Being a freelance writer has many benefits: flexible work hours, the opportunity to work on a variety of projects, and career development at one’s own pace. But freelancing doesn’t come without challenges
Anxiety is an occupational hazard for many freelancers. Everything rides on their ability to deliver – and there’s no safety net.
Freelance assignments often come in waves and clients can pull the rug out from under you at any point. If your client’s company takes a hit, then you feel that hit too. If your client has a surge of new hires, your work goes up too. Freelance work is never consistent, and that lack of consistency can lead to a lot of freelancers to develop moderate to severe anxiety.
Anxiety is a widespread issue in the United States. For example, 70% of survey respondents revealed feelings of overwhelming anxiety during a recent Pew Research study.
Freelancers who manage the full weight of running a sole proprietorship must find constructive ways to manage anxiety.
By establishing effective guidelines for how you conduct business, you can find a balance between the demands of freelancing and your personal needs.
The following are six ways to manage anxiety as a freelancer.
1. Mingle With Like-Minded Souls
It helps to associate with people who struggle with similar obstacles. By connecting with a group of like-minded professionals, you can find the support that you need to overcome career challenges and bouts of anxiety. Every freelancer is different and approaches their mental health in different ways, so utilizing those networks can actually help you learn from the successes and strategies of folk in similar boats.
A freelance support network is a healthy way of overcoming some of the challenges of self-employment. It’s highly beneficial to communicate with others who can empathize with your experiences. As a freelancer, you don’t really have traditional coworkers, so it definitely helps to surround yourself with professionals who can help you succeed in your field.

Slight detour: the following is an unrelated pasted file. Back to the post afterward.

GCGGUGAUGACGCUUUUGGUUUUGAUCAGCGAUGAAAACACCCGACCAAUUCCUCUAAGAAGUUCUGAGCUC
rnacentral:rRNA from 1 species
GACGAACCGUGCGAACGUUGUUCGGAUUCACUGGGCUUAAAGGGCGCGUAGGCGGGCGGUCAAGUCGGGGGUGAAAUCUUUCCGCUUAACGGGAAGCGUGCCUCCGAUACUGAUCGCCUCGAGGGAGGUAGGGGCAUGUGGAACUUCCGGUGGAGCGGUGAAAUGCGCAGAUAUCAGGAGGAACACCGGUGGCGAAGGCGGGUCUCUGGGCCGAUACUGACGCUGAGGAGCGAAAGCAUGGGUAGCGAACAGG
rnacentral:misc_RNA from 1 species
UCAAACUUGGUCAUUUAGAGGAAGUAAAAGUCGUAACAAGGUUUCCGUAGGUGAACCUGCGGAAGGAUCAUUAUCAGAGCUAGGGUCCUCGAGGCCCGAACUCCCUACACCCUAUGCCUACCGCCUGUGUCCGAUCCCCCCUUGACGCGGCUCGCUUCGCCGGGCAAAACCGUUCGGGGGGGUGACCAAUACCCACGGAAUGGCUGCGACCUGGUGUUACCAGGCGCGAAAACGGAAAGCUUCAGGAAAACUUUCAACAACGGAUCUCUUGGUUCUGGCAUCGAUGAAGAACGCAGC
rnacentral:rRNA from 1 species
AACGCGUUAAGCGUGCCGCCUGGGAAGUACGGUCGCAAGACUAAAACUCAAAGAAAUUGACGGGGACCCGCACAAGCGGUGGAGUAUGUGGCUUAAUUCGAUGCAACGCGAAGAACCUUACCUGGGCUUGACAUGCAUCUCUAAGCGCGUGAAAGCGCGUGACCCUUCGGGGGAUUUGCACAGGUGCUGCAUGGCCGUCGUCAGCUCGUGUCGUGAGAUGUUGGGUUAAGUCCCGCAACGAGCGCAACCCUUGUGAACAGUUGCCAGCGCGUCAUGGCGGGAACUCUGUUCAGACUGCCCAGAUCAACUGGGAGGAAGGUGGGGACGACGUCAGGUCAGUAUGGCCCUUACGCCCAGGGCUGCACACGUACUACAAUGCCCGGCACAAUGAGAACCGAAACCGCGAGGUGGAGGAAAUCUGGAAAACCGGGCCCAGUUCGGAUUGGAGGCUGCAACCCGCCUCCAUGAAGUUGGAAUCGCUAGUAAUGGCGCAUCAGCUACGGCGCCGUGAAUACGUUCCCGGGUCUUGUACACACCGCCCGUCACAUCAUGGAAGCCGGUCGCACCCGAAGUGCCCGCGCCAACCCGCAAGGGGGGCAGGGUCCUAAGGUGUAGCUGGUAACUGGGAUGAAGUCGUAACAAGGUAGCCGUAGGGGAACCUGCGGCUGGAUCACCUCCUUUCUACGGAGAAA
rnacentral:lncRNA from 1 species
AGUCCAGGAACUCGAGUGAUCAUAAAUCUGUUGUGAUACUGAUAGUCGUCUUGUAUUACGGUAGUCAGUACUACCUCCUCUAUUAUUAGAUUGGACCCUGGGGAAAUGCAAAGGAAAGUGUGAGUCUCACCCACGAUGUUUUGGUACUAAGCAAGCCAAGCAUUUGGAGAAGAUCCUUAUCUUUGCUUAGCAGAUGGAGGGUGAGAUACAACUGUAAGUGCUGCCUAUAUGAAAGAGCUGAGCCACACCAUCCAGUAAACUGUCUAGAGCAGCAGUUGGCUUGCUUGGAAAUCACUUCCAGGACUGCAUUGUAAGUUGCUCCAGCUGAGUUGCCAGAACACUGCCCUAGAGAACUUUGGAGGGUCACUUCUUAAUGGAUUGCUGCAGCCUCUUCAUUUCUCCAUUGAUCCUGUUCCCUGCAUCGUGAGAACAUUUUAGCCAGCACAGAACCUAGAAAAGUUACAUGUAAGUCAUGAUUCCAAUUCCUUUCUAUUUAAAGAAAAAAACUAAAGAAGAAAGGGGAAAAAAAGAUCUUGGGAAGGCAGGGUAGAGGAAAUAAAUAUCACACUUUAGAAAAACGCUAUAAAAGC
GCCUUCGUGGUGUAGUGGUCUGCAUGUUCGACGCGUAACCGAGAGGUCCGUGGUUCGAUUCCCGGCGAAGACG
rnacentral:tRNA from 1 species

2. Find Your Balance
Inadequate work-life balance is especially problematic in America. It’s something that many professionals aspire toward without success. For instance, 66% of recently surveyed adults expressed that they do not believe they maintain a satisfactory work-life balance.
Many freelancers work from home, and this makes it hard for freelancers to separate work time from personal time. If you’ are always inhabiting the same spaces, it becomes unclear when your body should relax. Creating a home office is an essential step in trying to make sure you create clear distinctions between work and life. Working at coffee shops or coworking spaces is an even better way to draw the line.
Often, poor work-life balance results in missed or unsatisfactory experiences with loved ones. The clear separation between weekend and evening time is always clear for freelancers who often work at odd hours of the day. While this flexibility is one of the main appeals of freelance work, it’s also a key factor in causing freelancers to miss out on events and activities that happen in the traditional off-hours for most workers.